Recruiting Employees for Keeps

The importance of employee engagement and satisfaction is getting a lot of recognition. And it should be! Happier, more satisfied employees lead to lower turnover rates and increased loyalty and productivity—all things that are good for business! What’s good for your employees is good for you. 

With all the talk about how to encourage a culture of employee engagement within your business, it’s important not to overlook the first step: hiring the right employees for the right positions. You can have all the benefits, growth opportunities, and employee recognition you can muster, but if you’ve been hiring the wrong candidates, you’re bound to fail.  

 When hiring for your next position, here are three key ideas to keep in mind.  

Think about your candidates 

Who are you trying to attract to fill the position? Think about what their needs are and create a job offer that draws those candidates in. When writing your description, take the time to think about that ideal candidate and ask: what benefits and perks would stand out to them the most? What salary range is applicable to the role and the location?  

If you’re hiring for a remote work position, you want to make sure you’re attracting people with an independent disposition, who’re tech savvy, and able to work without direct supervision. If you’re hiring for an in-office position, you want to look for people who are okay with structure and like to work in a social environment.  

The hiring process is an opportunity for you to showcase your company culture and emphasize the traits you value most. Make the description clear and keep it honest. If you do this well, chances are they’ll be able to tell if it’s the right job for them.  Much in the same way you’d think about how you can create a positive experience tailored to your ideal customer, you want to attract the right candidates to the right positions.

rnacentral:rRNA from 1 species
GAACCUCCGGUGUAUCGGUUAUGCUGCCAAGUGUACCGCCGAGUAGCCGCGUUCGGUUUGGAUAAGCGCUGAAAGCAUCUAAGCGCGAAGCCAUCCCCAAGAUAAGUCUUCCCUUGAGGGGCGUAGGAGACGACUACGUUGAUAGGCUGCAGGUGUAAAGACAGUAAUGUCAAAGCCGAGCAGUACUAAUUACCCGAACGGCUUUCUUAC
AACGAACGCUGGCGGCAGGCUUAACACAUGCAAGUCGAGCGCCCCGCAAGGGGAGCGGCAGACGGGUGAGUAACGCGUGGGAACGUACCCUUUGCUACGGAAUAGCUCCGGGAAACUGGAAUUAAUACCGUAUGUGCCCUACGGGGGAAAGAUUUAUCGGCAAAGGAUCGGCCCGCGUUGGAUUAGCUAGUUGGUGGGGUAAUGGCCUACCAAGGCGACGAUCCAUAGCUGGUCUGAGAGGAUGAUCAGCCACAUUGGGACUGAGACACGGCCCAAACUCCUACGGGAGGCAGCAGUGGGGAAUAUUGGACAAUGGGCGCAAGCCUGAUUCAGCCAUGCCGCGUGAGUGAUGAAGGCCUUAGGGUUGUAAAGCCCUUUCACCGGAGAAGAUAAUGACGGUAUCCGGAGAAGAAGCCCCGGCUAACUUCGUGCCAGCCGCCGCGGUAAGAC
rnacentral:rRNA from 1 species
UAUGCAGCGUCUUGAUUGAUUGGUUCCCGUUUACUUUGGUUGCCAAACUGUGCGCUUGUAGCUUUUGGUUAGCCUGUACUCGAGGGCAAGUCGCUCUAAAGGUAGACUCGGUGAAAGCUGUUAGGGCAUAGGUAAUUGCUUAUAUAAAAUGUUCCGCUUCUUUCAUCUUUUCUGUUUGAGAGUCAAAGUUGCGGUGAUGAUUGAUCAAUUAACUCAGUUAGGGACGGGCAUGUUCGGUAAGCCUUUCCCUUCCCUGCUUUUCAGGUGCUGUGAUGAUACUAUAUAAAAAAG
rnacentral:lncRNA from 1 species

Don’t shy away from a challenge  

When you challenge your candidates in your interview process, you are giving them a chance to demonstrate their strengths and show you what they’re bringing to the table. Higher employee satisfaction rates have been found to correlate with a more challenging interview process. This is also a chance to set clear expectations for your candidates which, when they match up with the reality of the position, promotes trust long term. 

Make it easy 

In a study cited by The Society for Human Resources, it was found that conversion rates increase by 365% when a job application process takes five minutes or less to complete. Make your application process concise, straight forward, and easy to access. Show that you value their time by responding promptly, allowing them to respond back to you in a reasonable amount of time, and being on time to your meeting.  

Taking the time to invest in your hiring process and your candidates’ experience can increase the quality of hires by 70%. Remember, you are asking someone to give their time and energy to your team. Make sure you are giving them time and energy in return—it’ll pay off, we promise.   


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Encouraging Remote Employees: Why Shouting Down the Hall Won’t Work

So you’ve heard how remote work can promote job satisfaction, productivity, and save you real money. Your company has decided to offer remote working positions and you can’t wait to get started. But have you prepared for the challenges of having a remote workforce? Have you thought about how you’re going to show employee recognition when you can no longer walk down the hall and tell them facetoface or throw them an office party?  

Here are three great ways to make your remote employees feel valued and recognized. 

Stay Connected 

If you’ve got a remote workforce, chances are you have an online chat system to keep them easily connected. (If you don’t, you’re missing out on a vital resource). Online chat forums are a great place to recognize individuals and teams both in group conversations and oneononeThis is a great space to offer more informal and consistent encouragement and recognition for smaller, more frequent accomplishments. 

Going beyond “good job”